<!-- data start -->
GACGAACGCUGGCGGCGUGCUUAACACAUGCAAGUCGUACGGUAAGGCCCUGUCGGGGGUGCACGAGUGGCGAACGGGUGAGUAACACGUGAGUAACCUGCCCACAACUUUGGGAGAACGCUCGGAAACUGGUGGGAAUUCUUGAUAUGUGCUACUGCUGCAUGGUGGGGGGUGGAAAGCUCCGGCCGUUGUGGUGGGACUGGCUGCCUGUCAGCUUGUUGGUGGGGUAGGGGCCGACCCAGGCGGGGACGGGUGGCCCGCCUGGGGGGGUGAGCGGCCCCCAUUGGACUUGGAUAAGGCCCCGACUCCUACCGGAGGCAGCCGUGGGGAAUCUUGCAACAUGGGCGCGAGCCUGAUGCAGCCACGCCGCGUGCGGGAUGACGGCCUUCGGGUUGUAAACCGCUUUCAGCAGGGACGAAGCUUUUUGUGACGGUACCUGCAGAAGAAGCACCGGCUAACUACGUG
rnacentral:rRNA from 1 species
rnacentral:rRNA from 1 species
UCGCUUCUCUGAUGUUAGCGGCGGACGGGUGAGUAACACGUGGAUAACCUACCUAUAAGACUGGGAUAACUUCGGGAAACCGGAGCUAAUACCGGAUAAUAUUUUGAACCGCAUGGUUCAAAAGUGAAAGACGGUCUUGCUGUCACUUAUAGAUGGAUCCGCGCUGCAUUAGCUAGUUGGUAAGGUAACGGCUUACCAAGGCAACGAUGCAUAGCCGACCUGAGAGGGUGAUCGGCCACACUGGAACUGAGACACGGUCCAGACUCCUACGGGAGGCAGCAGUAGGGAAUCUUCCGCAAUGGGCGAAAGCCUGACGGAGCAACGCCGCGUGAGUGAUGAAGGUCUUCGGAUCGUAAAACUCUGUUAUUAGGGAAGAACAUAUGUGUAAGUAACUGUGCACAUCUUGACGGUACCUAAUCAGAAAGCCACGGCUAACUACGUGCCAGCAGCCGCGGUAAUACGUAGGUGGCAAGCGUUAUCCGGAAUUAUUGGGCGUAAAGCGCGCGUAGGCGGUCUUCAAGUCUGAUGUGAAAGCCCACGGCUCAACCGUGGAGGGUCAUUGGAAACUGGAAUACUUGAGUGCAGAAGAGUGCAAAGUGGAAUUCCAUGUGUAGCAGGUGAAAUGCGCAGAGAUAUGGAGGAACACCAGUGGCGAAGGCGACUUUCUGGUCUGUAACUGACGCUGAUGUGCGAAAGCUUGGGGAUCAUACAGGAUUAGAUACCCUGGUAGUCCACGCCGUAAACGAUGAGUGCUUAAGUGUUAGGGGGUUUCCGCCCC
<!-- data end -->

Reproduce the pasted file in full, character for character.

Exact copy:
GACGAACGCUGGCGGCGUGCUUAACACAUGCAAGUCGUACGGUAAGGCCCUGUCGGGGGUGCACGAGUGGCGAACGGGUGAGUAACACGUGAGUAACCUGCCCACAACUUUGGGAGAACGCUCGGAAACUGGUGGGAAUUCUUGAUAUGUGCUACUGCUGCAUGGUGGGGGGUGGAAAGCUCCGGCCGUUGUGGUGGGACUGGCUGCCUGUCAGCUUGUUGGUGGGGUAGGGGCCGACCCAGGCGGGGACGGGUGGCCCGCCUGGGGGGGUGAGCGGCCCCCAUUGGACUUGGAUAAGGCCCCGACUCCUACCGGAGGCAGCCGUGGGGAAUCUUGCAACAUGGGCGCGAGCCUGAUGCAGCCACGCCGCGUGCGGGAUGACGGCCUUCGGGUUGUAAACCGCUUUCAGCAGGGACGAAGCUUUUUGUGACGGUACCUGCAGAAGAAGCACCGGCUAACUACGUG
rnacentral:rRNA from 1 species
rnacentral:rRNA from 1 species
UCGCUUCUCUGAUGUUAGCGGCGGACGGGUGAGUAACACGUGGAUAACCUACCUAUAAGACUGGGAUAACUUCGGGAAACCGGAGCUAAUACCGGAUAAUAUUUUGAACCGCAUGGUUCAAAAGUGAAAGACGGUCUUGCUGUCACUUAUAGAUGGAUCCGCGCUGCAUUAGCUAGUUGGUAAGGUAACGGCUUACCAAGGCAACGAUGCAUAGCCGACCUGAGAGGGUGAUCGGCCACACUGGAACUGAGACACGGUCCAGACUCCUACGGGAGGCAGCAGUAGGGAAUCUUCCGCAAUGGGCGAAAGCCUGACGGAGCAACGCCGCGUGAGUGAUGAAGGUCUUCGGAUCGUAAAACUCUGUUAUUAGGGAAGAACAUAUGUGUAAGUAACUGUGCACAUCUUGACGGUACCUAAUCAGAAAGCCACGGCUAACUACGUGCCAGCAGCCGCGGUAAUACGUAGGUGGCAAGCGUUAUCCGGAAUUAUUGGGCGUAAAGCGCGCGUAGGCGGUCUUCAAGUCUGAUGUGAAAGCCCACGGCUCAACCGUGGAGGGUCAUUGGAAACUGGAAUACUUGAGUGCAGAAGAGUGCAAAGUGGAAUUCCAUGUGUAGCAGGUGAAAUGCGCAGAGAUAUGGAGGAACACCAGUGGCGAAGGCGACUUUCUGGUCUGUAACUGACGCUGAUGUGCGAAAGCUUGGGGAUCAUACAGGAUUAGAUACCCUGGUAGUCCACGCCGUAAACGAUGAGUGCUUAAGUGUUAGGGGGUUUCCGCCCC